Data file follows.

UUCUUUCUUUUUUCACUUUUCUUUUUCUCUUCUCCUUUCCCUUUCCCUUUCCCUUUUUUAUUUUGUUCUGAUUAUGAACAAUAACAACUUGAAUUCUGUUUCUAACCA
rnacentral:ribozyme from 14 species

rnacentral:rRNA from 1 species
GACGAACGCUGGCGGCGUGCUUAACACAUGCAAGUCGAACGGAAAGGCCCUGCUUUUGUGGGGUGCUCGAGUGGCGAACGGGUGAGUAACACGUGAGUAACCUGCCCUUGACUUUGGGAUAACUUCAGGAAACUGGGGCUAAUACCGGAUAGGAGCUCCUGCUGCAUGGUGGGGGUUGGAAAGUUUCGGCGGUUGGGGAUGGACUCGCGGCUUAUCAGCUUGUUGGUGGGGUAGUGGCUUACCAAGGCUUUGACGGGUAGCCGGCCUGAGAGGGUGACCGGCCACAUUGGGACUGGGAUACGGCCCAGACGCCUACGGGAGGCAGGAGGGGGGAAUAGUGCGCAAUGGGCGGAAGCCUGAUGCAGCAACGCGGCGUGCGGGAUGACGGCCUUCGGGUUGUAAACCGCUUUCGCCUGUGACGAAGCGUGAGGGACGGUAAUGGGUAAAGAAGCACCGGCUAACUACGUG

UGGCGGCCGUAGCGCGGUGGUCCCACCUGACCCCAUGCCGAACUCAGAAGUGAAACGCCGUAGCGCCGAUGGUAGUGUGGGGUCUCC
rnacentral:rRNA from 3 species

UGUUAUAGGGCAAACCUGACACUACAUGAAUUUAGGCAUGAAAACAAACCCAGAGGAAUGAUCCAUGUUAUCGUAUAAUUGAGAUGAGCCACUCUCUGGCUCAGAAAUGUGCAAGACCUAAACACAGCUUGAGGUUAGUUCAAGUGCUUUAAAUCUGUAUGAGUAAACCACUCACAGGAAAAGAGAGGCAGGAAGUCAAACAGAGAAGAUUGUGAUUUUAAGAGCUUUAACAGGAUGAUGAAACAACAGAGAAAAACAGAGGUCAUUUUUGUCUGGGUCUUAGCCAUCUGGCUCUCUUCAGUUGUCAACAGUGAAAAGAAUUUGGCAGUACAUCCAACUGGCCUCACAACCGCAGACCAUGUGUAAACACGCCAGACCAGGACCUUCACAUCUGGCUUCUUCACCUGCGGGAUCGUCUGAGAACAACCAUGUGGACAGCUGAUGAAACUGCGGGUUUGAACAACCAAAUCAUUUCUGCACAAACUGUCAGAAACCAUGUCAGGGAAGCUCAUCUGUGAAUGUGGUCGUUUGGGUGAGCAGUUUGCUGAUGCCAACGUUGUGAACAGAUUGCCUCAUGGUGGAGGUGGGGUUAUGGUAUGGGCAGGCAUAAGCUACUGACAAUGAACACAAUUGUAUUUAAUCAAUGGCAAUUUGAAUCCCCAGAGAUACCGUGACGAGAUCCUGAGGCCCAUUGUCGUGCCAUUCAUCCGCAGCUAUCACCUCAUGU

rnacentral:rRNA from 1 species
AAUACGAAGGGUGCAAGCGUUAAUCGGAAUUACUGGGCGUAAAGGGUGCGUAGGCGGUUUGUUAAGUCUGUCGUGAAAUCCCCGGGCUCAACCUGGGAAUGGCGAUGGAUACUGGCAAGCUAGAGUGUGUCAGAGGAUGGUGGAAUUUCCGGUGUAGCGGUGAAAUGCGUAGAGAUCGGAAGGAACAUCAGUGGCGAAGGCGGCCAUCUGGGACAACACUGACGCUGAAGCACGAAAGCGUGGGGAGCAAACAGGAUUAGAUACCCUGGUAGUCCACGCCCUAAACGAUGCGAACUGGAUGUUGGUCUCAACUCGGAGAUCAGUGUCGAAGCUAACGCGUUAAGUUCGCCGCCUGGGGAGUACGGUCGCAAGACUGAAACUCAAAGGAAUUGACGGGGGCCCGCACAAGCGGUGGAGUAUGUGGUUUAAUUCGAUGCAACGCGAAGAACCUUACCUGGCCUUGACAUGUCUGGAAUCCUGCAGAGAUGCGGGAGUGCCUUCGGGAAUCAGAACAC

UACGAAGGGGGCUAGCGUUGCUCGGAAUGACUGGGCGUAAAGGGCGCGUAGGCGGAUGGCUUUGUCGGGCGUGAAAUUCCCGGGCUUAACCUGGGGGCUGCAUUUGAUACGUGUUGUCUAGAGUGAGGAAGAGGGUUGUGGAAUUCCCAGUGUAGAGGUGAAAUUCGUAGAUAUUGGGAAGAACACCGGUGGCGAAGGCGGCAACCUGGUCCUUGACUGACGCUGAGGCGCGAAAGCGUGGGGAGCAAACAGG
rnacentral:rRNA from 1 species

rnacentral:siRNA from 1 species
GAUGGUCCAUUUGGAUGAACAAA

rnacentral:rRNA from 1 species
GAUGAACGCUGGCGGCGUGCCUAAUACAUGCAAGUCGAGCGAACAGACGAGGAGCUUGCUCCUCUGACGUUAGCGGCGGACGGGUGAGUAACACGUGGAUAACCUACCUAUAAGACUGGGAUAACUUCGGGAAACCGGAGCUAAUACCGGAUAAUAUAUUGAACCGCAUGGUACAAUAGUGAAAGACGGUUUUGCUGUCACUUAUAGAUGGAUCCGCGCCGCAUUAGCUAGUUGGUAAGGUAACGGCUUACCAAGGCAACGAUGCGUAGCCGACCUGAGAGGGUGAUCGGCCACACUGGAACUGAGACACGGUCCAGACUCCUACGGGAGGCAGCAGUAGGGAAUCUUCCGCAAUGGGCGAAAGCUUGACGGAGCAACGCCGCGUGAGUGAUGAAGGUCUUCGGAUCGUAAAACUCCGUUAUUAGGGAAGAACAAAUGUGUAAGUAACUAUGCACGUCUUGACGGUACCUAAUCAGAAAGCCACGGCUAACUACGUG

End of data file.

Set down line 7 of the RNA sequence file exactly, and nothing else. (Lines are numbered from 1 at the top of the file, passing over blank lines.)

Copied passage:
UGUUAUAGGGCAAACCUGACACUACAUGAAUUUAGGCAUGAAAACAAACCCAGAGGAAUGAUCCAUGUUAUCGUAUAAUUGAGAUGAGCCACUCUCUGGCUCAGAAAUGUGCAAGACCUAAACACAGCUUGAGGUUAGUUCAAGUGCUUUAAAUCUGUAUGAGUAAACCACUCACAGGAAAAGAGAGGCAGGAAGUCAAACAGAGAAGAUUGUGAUUUUAAGAGCUUUAACAGGAUGAUGAAACAACAGAGAAAAACAGAGGUCAUUUUUGUCUGGGUCUUAGCCAUCUGGCUCUCUUCAGUUGUCAACAGUGAAAAGAAUUUGGCAGUACAUCCAACUGGCCUCACAACCGCAGACCAUGUGUAAACACGCCAGACCAGGACCUUCACAUCUGGCUUCUUCACCUGCGGGAUCGUCUGAGAACAACCAUGUGGACAGCUGAUGAAACUGCGGGUUUGAACAACCAAAUCAUUUCUGCACAAACUGUCAGAAACCAUGUCAGGGAAGCUCAUCUGUGAAUGUGGUCGUUUGGGUGAGCAGUUUGCUGAUGCCAACGUUGUGAACAGAUUGCCUCAUGGUGGAGGUGGGGUUAUGGUAUGGGCAGGCAUAAGCUACUGACAAUGAACACAAUUGUAUUUAAUCAAUGGCAAUUUGAAUCCCCAGAGAUACCGUGACGAGAUCCUGAGGCCCAUUGUCGUGCCAUUCAUCCGCAGCUAUCACCUCAUGU